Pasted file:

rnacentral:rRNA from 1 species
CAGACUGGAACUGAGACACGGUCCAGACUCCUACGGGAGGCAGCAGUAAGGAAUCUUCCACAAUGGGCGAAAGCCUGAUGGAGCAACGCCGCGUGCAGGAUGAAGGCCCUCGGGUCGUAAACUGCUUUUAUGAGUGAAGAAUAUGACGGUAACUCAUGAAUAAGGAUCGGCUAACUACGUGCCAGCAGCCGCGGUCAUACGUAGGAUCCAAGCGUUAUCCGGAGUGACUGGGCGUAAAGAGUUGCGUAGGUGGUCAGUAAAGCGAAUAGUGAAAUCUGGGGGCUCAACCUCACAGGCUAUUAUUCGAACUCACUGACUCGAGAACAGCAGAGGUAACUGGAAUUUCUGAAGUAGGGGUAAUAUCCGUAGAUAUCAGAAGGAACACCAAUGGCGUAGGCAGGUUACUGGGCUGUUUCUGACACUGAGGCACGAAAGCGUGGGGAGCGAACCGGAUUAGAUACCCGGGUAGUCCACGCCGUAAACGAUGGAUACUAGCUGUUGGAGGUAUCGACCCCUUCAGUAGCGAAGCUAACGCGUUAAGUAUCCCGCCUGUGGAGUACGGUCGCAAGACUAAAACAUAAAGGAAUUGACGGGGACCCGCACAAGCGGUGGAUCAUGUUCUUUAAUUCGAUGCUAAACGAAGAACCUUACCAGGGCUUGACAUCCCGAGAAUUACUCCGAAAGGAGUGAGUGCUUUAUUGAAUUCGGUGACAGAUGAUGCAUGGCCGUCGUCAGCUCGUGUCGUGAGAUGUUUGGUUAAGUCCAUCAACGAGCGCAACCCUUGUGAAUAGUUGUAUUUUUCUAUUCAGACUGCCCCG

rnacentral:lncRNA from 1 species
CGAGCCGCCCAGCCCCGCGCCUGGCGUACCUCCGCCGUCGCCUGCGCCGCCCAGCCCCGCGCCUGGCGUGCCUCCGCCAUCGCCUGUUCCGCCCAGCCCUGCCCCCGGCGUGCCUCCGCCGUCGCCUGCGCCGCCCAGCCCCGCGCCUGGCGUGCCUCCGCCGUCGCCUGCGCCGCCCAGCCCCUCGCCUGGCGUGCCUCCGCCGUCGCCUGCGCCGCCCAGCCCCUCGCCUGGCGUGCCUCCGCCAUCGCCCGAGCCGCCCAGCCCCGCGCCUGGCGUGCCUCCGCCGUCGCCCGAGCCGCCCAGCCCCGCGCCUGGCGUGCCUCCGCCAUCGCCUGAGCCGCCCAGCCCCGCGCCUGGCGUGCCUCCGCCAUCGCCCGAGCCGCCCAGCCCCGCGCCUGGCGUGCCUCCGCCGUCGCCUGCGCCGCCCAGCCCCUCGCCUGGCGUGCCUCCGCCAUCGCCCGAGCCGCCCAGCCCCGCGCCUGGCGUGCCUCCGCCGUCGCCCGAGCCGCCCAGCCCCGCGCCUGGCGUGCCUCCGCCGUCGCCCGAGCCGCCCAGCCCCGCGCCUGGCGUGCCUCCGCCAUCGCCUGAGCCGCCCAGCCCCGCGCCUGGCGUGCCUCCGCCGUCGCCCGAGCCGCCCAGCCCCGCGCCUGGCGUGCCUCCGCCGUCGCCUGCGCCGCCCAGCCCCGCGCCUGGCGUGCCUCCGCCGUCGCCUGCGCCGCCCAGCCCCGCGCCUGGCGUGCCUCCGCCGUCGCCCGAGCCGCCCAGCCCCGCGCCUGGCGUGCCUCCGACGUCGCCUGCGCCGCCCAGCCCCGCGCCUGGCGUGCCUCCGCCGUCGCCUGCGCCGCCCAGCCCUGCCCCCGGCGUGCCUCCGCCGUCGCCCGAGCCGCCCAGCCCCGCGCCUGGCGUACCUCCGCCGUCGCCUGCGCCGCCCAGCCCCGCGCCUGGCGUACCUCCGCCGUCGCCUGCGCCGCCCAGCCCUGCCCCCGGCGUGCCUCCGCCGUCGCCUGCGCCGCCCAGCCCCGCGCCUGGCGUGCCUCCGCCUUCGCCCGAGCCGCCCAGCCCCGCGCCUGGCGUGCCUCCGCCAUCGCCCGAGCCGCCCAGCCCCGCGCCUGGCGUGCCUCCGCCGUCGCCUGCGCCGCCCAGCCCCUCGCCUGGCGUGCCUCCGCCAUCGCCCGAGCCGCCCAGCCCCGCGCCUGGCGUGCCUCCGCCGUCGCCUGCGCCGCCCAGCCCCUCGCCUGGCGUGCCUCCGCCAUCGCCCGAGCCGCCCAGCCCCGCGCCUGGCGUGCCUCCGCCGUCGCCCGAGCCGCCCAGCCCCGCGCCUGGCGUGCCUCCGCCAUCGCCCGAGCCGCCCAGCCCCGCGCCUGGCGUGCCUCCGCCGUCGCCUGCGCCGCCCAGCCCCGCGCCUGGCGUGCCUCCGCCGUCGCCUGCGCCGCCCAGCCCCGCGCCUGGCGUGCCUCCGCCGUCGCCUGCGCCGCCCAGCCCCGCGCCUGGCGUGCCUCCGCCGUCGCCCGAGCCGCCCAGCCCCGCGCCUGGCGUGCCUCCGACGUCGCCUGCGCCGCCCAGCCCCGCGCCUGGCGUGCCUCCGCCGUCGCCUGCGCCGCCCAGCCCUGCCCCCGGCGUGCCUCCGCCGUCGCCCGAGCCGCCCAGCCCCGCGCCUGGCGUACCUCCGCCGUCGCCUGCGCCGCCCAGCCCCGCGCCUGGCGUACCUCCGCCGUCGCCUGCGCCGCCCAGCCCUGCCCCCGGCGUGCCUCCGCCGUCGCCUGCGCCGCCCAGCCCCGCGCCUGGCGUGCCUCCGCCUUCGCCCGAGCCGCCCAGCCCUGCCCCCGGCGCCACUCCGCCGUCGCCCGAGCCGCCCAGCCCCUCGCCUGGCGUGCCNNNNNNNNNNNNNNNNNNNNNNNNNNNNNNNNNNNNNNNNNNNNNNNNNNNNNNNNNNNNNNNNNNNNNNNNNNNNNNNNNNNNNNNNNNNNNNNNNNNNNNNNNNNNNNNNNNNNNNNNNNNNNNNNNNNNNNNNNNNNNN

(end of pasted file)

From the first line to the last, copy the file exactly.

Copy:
rnacentral:rRNA from 1 species
CAGACUGGAACUGAGACACGGUCCAGACUCCUACGGGAGGCAGCAGUAAGGAAUCUUCCACAAUGGGCGAAAGCCUGAUGGAGCAACGCCGCGUGCAGGAUGAAGGCCCUCGGGUCGUAAACUGCUUUUAUGAGUGAAGAAUAUGACGGUAACUCAUGAAUAAGGAUCGGCUAACUACGUGCCAGCAGCCGCGGUCAUACGUAGGAUCCAAGCGUUAUCCGGAGUGACUGGGCGUAAAGAGUUGCGUAGGUGGUCAGUAAAGCGAAUAGUGAAAUCUGGGGGCUCAACCUCACAGGCUAUUAUUCGAACUCACUGACUCGAGAACAGCAGAGGUAACUGGAAUUUCUGAAGUAGGGGUAAUAUCCGUAGAUAUCAGAAGGAACACCAAUGGCGUAGGCAGGUUACUGGGCUGUUUCUGACACUGAGGCACGAAAGCGUGGGGAGCGAACCGGAUUAGAUACCCGGGUAGUCCACGCCGUAAACGAUGGAUACUAGCUGUUGGAGGUAUCGACCCCUUCAGUAGCGAAGCUAACGCGUUAAGUAUCCCGCCUGUGGAGUACGGUCGCAAGACUAAAACAUAAAGGAAUUGACGGGGACCCGCACAAGCGGUGGAUCAUGUUCUUUAAUUCGAUGCUAAACGAAGAACCUUACCAGGGCUUGACAUCCCGAGAAUUACUCCGAAAGGAGUGAGUGCUUUAUUGAAUUCGGUGACAGAUGAUGCAUGGCCGUCGUCAGCUCGUGUCGUGAGAUGUUUGGUUAAGUCCAUCAACGAGCGCAACCCUUGUGAAUAGUUGUAUUUUUCUAUUCAGACUGCCCCG

rnacentral:lncRNA from 1 species
CGAGCCGCCCAGCCCCGCGCCUGGCGUACCUCCGCCGUCGCCUGCGCCGCCCAGCCCCGCGCCUGGCGUGCCUCCGCCAUCGCCUGUUCCGCCCAGCCCUGCCCCCGGCGUGCCUCCGCCGUCGCCUGCGCCGCCCAGCCCCGCGCCUGGCGUGCCUCCGCCGUCGCCUGCGCCGCCCAGCCCCUCGCCUGGCGUGCCUCCGCCGUCGCCUGCGCCGCCCAGCCCCUCGCCUGGCGUGCCUCCGCCAUCGCCCGAGCCGCCCAGCCCCGCGCCUGGCGUGCCUCCGCCGUCGCCCGAGCCGCCCAGCCCCGCGCCUGGCGUGCCUCCGCCAUCGCCUGAGCCGCCCAGCCCCGCGCCUGGCGUGCCUCCGCCAUCGCCCGAGCCGCCCAGCCCCGCGCCUGGCGUGCCUCCGCCGUCGCCUGCGCCGCCCAGCCCCUCGCCUGGCGUGCCUCCGCCAUCGCCCGAGCCGCCCAGCCCCGCGCCUGGCGUGCCUCCGCCGUCGCCCGAGCCGCCCAGCCCCGCGCCUGGCGUGCCUCCGCCGUCGCCCGAGCCGCCCAGCCCCGCGCCUGGCGUGCCUCCGCCAUCGCCUGAGCCGCCCAGCCCCGCGCCUGGCGUGCCUCCGCCGUCGCCCGAGCCGCCCAGCCCCGCGCCUGGCGUGCCUCCGCCGUCGCCUGCGCCGCCCAGCCCCGCGCCUGGCGUGCCUCCGCCGUCGCCUGCGCCGCCCAGCCCCGCGCCUGGCGUGCCUCCGCCGUCGCCCGAGCCGCCCAGCCCCGCGCCUGGCGUGCCUCCGACGUCGCCUGCGCCGCCCAGCCCCGCGCCUGGCGUGCCUCCGCCGUCGCCUGCGCCGCCCAGCCCUGCCCCCGGCGUGCCUCCGCCGUCGCCCGAGCCGCCCAGCCCCGCGCCUGGCGUACCUCCGCCGUCGCCUGCGCCGCCCAGCCCCGCGCCUGGCGUACCUCCGCCGUCGCCUGCGCCGCCCAGCCCUGCCCCCGGCGUGCCUCCGCCGUCGCCUGCGCCGCCCAGCCCCGCGCCUGGCGUGCCUCCGCCUUCGCCCGAGCCGCCCAGCCCCGCGCCUGGCGUGCCUCCGCCAUCGCCCGAGCCGCCCAGCCCCGCGCCUGGCGUGCCUCCGCCGUCGCCUGCGCCGCCCAGCCCCUCGCCUGGCGUGCCUCCGCCAUCGCCCGAGCCGCCCAGCCCCGCGCCUGGCGUGCCUCCGCCGUCGCCUGCGCCGCCCAGCCCCUCGCCUGGCGUGCCUCCGCCAUCGCCCGAGCCGCCCAGCCCCGCGCCUGGCGUGCCUCCGCCGUCGCCCGAGCCGCCCAGCCCCGCGCCUGGCGUGCCUCCGCCAUCGCCCGAGCCGCCCAGCCCCGCGCCUGGCGUGCCUCCGCCGUCGCCUGCGCCGCCCAGCCCCGCGCCUGGCGUGCCUCCGCCGUCGCCUGCGCCGCCCAGCCCCGCGCCUGGCGUGCCUCCGCCGUCGCCUGCGCCGCCCAGCCCCGCGCCUGGCGUGCCUCCGCCGUCGCCCGAGCCGCCCAGCCCCGCGCCUGGCGUGCCUCCGACGUCGCCUGCGCCGCCCAGCCCCGCGCCUGGCGUGCCUCCGCCGUCGCCUGCGCCGCCCAGCCCUGCCCCCGGCGUGCCUCCGCCGUCGCCCGAGCCGCCCAGCCCCGCGCCUGGCGUACCUCCGCCGUCGCCUGCGCCGCCCAGCCCCGCGCCUGGCGUACCUCCGCCGUCGCCUGCGCCGCCCAGCCCUGCCCCCGGCGUGCCUCCGCCGUCGCCUGCGCCGCCCAGCCCCGCGCCUGGCGUGCCUCCGCCUUCGCCCGAGCCGCCCAGCCCUGCCCCCGGCGCCACUCCGCCGUCGCCCGAGCCGCCCAGCCCCUCGCCUGGCGUGCCNNNNNNNNNNNNNNNNNNNNNNNNNNNNNNNNNNNNNNNNNNNNNNNNNNNNNNNNNNNNNNNNNNNNNNNNNNNNNNNNNNNNNNNNNNNNNNNNNNNNNNNNNNNNNNNNNNNNNNNNNNNNNNNNNNNNNNNNNNNNNN